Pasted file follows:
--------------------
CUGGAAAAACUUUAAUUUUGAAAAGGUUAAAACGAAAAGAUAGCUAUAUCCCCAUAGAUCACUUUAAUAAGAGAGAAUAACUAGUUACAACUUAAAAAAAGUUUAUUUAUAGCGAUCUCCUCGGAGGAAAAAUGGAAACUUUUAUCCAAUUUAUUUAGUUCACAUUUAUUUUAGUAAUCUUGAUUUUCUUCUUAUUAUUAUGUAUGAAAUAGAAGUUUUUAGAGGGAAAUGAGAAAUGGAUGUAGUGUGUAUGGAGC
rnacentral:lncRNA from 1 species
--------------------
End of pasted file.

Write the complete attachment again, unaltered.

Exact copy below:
CUGGAAAAACUUUAAUUUUGAAAAGGUUAAAACGAAAAGAUAGCUAUAUCCCCAUAGAUCACUUUAAUAAGAGAGAAUAACUAGUUACAACUUAAAAAAAGUUUAUUUAUAGCGAUCUCCUCGGAGGAAAAAUGGAAACUUUUAUCCAAUUUAUUUAGUUCACAUUUAUUUUAGUAAUCUUGAUUUUCUUCUUAUUAUUAUGUAUGAAAUAGAAGUUUUUAGAGGGAAAUGAGAAAUGGAUGUAGUGUGUAUGGAGC
rnacentral:lncRNA from 1 species